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Sruthi Thatchenkery

6th year PhD candidate
Management Science and Engineering
I am analyzing data to pinpoint the most effective ways for medical device startups to incorporate physicians into their work in collaboration with the Stanford Technology Ventures Program (STVP) and Stanford Graduate School of Business.

As medical devices become more complex and require more information to make, we are asking what the best role for physicians is to play in this process? Some are concerned that physicians working with private firms creates a harmful conflict of interest. Our hypothesis however, is that if you combine a physician’s medical expertise with engineering expertise, as opposed to relying solely on a doctor’s or engineer’s expertise, you’ll be more likely to develop a new medical device that makes it through the FDA approval process.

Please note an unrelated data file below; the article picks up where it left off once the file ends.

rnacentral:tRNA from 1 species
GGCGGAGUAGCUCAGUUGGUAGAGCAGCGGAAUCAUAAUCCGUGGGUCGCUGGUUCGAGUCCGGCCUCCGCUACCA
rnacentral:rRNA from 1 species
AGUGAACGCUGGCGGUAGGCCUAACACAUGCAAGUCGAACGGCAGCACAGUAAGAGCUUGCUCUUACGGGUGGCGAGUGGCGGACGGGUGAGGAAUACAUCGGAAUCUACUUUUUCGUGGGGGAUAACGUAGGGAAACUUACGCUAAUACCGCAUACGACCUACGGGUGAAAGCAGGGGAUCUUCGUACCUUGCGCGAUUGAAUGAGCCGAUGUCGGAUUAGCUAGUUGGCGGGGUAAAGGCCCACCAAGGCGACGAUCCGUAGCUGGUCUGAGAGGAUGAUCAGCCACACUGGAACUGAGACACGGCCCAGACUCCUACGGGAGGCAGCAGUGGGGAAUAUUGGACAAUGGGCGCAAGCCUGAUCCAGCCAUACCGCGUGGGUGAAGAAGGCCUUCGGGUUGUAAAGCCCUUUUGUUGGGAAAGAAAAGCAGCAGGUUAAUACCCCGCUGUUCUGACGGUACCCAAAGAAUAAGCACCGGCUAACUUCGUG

At the Global Entrepreneurship Poster Session last week, two people who were running medical device startups approached me and asked, “Well we've got four physicians helping us, what advice would you give us?” So far, the data I am working with shows that it’s best to integrate doctors in a collaborative or advisory role. I was able to tell those people that you want those physicians in either a board member role, where they can advise the firm, or to serve as an evangelist, specifically attending medical conferences and talking about the product. If it's a product that is directly related to the doctor’s work, then you want the doctor involved in the product development stage. The key here is that doctors seem to have a more positive impact on medical device development when they are working with startups in more of a “part-time” role like inventor or board member rather than running the firm as a senior executive. This means they are advising but are still actively engaged in practice, so that they remain on the pulse of what’s happening in real-time in the field they are trying to improve or serve.

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